Free Markets, Free People

ObamaCare

Why Obama caved yesterday

Three primarily political reasons drove the Obama concession yesterday to allow insurance companies to continue to cover customers whose plans don’t meet ObamaCare standards. And none really had anything to do with doing what was right for the citizenry.  He wasn’t really doing anyone any favors except Democrats.  He was, as usual, focused solely on limiting political damage.

One reason that drove the concession was the usual – an attempt to start shifting the blame.  As Megan McArdle points out:

This may be a near-perfect specimen of that Washington perennial: the nonsolution solution. Insurers are already warning that they can’t simply allow people to stay on their old plans, firstly because all plans have to be approved by state insurers who haven’t signed onto this, and secondly because getting their computer systems to reissue the canceled policies is a hefty programming task that may not be possible to complete by the end of the year. But that’s not the administration’s problem, is it? They can say, “Hey, we changed the rule — if your insurer went ahead and canceled your policy anyway, that’s not our fault!”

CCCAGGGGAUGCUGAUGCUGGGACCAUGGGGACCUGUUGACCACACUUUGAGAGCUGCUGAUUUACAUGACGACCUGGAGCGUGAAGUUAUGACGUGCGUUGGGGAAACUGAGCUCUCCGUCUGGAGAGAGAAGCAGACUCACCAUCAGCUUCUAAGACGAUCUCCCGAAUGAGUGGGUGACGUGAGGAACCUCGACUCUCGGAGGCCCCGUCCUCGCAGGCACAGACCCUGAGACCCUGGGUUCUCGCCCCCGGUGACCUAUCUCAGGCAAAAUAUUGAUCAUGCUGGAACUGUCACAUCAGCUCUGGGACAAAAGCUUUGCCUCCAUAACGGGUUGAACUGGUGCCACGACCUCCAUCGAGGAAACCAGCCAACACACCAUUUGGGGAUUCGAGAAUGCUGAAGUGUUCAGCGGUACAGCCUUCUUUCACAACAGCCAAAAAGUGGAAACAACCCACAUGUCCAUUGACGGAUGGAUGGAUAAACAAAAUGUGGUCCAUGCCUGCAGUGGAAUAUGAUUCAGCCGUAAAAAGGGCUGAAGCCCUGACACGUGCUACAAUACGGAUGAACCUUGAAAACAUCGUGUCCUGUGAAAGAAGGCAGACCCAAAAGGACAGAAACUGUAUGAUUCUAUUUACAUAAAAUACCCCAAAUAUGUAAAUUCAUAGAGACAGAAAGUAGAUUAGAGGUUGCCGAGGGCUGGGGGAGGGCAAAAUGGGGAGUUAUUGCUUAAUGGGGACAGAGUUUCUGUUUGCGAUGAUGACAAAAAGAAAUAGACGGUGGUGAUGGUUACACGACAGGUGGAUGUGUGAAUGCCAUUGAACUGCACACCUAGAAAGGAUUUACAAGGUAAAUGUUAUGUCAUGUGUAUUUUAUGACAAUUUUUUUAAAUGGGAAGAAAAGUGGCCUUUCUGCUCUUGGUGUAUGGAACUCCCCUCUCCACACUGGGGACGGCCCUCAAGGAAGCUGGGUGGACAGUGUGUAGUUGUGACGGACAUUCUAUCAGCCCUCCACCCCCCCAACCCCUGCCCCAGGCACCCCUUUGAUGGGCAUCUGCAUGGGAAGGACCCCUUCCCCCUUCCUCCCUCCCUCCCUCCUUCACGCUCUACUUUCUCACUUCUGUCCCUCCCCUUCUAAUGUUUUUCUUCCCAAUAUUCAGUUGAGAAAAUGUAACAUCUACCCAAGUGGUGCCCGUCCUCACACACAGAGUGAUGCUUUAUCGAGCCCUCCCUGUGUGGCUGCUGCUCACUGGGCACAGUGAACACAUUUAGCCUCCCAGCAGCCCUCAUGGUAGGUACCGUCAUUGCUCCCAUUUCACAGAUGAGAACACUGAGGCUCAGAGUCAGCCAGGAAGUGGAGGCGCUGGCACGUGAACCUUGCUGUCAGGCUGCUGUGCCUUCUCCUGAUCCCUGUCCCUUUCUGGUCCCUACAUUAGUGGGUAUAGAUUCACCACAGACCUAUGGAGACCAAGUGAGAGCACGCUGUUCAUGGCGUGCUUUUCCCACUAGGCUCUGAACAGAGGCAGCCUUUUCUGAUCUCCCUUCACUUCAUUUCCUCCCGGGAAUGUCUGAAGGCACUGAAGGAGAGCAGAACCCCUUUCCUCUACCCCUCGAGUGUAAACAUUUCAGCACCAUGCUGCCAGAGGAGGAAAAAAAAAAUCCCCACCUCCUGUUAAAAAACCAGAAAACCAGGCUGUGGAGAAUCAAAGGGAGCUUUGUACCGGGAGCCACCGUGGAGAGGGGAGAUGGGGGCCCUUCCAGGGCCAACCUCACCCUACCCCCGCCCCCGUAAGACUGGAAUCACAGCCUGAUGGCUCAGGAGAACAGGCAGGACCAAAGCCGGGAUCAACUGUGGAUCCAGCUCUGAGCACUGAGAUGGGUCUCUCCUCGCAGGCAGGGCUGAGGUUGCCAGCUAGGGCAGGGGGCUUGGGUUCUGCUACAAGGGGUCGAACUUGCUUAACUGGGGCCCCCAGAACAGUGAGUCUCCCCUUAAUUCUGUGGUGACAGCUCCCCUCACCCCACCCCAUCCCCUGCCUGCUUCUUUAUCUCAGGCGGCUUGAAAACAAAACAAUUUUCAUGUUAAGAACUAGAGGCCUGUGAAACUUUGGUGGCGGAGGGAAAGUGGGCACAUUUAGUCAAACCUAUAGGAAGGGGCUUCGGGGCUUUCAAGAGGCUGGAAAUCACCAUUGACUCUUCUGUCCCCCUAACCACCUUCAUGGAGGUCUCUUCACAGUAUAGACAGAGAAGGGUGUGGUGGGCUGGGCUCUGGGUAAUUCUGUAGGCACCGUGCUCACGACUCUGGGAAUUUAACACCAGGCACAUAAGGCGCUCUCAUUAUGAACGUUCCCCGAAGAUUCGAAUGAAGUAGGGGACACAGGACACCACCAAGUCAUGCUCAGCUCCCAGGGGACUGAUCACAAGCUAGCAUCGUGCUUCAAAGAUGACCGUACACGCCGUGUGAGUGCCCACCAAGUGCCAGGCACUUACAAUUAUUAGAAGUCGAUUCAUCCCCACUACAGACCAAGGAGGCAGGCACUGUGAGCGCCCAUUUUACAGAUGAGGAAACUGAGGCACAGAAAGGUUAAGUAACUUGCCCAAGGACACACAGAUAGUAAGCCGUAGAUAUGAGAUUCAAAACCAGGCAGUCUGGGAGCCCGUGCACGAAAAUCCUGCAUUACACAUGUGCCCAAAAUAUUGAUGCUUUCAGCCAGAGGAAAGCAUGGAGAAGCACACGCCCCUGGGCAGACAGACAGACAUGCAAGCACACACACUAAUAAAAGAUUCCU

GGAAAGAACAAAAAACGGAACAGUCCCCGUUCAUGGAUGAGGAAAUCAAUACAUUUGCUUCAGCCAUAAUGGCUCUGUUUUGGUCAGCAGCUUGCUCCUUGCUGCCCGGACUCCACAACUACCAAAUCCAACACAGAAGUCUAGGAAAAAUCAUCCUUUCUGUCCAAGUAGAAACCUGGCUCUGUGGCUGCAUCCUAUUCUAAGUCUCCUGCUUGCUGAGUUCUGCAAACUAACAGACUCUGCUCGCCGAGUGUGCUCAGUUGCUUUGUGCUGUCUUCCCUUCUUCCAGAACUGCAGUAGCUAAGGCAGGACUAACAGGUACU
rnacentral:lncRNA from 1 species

Blame shifting is as natural to this administration as breathing is to the rest of us.  While they take more heat, they can now pass some of it off to insurers who were simply following the law as the Democrats and the administration had written it.  Now they’re the bad guys. As you might imagine, the insurance industry is furious.  And insurance regulators?  Well, they’re left wondering what is what.

Reason number two for the concession was Congressional Democrat panic.  Karl Rove has some thoughts on that:

Mr. Obama’s assertion in the NBC interview that “the majority of folks” whose coverage is canceled will “be able to get better care at the same cost or cheaper” is also likely to be false. The higher premiums that result from ObamaCare’s bells-and-whistles coverage mandates may be offset for some by subsidies, but most people will pay more.

This problem will get worse and poses a dilemma for Mr. Obama and Democrats. A March analysis by Healthpocket.com estimated that less than 2% of individual plans comply with ObamaCare’s mandates. A Nov. 7 study by McClatchy Newspapers suggests as many as 52 million people, including many covered by their employers, could lose their plan.